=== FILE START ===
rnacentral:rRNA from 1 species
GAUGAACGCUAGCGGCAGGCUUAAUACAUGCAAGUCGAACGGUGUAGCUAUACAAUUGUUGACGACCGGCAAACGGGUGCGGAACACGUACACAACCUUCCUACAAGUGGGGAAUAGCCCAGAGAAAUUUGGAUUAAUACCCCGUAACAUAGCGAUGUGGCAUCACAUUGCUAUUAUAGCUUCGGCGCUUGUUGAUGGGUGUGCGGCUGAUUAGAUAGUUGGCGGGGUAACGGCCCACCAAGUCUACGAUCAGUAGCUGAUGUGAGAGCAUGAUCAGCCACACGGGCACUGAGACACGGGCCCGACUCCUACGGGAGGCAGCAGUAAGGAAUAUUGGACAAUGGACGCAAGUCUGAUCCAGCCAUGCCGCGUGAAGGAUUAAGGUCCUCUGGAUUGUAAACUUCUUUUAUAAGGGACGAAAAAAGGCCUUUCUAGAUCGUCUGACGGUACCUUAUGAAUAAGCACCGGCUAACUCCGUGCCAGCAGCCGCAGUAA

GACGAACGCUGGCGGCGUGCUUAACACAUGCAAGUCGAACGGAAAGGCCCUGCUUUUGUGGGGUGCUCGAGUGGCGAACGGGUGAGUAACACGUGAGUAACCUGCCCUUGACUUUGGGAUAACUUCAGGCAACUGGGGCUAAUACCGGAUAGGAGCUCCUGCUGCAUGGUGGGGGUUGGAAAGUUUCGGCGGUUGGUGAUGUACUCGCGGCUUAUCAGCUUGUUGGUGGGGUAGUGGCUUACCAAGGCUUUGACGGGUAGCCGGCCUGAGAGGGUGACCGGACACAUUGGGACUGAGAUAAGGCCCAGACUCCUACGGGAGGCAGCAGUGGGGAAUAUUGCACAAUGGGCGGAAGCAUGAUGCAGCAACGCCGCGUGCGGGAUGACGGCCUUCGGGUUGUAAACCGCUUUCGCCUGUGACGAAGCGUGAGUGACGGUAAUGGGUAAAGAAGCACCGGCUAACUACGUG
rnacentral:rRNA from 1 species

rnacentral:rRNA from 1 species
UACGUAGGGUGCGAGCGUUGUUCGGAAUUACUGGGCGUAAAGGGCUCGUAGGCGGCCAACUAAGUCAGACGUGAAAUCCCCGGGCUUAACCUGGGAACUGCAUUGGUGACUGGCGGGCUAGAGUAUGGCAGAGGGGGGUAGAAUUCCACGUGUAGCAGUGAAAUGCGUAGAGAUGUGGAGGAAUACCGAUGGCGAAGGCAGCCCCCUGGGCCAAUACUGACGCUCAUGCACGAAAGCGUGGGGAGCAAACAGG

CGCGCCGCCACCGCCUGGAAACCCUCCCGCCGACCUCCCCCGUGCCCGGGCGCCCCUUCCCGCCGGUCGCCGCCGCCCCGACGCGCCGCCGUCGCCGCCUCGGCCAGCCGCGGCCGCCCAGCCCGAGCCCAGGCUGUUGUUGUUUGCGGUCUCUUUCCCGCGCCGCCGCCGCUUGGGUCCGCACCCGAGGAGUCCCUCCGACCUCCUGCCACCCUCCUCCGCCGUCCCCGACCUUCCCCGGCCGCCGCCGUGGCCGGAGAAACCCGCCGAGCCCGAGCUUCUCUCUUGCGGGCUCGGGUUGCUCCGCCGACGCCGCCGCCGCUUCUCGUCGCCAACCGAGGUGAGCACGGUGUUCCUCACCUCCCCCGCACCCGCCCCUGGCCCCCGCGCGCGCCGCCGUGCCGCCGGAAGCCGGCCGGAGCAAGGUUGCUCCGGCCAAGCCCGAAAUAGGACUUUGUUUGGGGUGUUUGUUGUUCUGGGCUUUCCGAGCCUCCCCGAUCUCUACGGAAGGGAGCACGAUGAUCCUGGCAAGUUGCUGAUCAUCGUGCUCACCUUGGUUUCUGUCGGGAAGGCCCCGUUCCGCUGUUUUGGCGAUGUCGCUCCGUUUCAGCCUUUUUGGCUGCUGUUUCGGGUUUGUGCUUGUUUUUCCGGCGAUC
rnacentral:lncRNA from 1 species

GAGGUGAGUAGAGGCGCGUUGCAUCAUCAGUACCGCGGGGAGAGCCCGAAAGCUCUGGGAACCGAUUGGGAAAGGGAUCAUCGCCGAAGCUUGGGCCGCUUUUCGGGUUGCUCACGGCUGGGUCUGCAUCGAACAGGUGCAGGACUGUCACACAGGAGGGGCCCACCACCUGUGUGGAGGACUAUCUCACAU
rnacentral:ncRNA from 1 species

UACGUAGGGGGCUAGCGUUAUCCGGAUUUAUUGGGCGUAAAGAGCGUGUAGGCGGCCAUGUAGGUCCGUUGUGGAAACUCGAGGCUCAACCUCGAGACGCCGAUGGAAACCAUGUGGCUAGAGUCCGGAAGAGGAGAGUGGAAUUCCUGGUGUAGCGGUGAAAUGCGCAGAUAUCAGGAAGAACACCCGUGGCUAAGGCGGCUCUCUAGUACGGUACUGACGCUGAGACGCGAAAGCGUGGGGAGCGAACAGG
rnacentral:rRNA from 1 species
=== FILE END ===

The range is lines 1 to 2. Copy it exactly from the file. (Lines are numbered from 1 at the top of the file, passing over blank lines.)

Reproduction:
rnacentral:rRNA from 1 species
GAUGAACGCUAGCGGCAGGCUUAAUACAUGCAAGUCGAACGGUGUAGCUAUACAAUUGUUGACGACCGGCAAACGGGUGCGGAACACGUACACAACCUUCCUACAAGUGGGGAAUAGCCCAGAGAAAUUUGGAUUAAUACCCCGUAACAUAGCGAUGUGGCAUCACAUUGCUAUUAUAGCUUCGGCGCUUGUUGAUGGGUGUGCGGCUGAUUAGAUAGUUGGCGGGGUAACGGCCCACCAAGUCUACGAUCAGUAGCUGAUGUGAGAGCAUGAUCAGCCACACGGGCACUGAGACACGGGCCCGACUCCUACGGGAGGCAGCAGUAAGGAAUAUUGGACAAUGGACGCAAGUCUGAUCCAGCCAUGCCGCGUGAAGGAUUAAGGUCCUCUGGAUUGUAAACUUCUUUUAUAAGGGACGAAAAAAGGCCUUUCUAGAUCGUCUGACGGUACCUUAUGAAUAAGCACCGGCUAACUCCGUGCCAGCAGCCGCAGUAA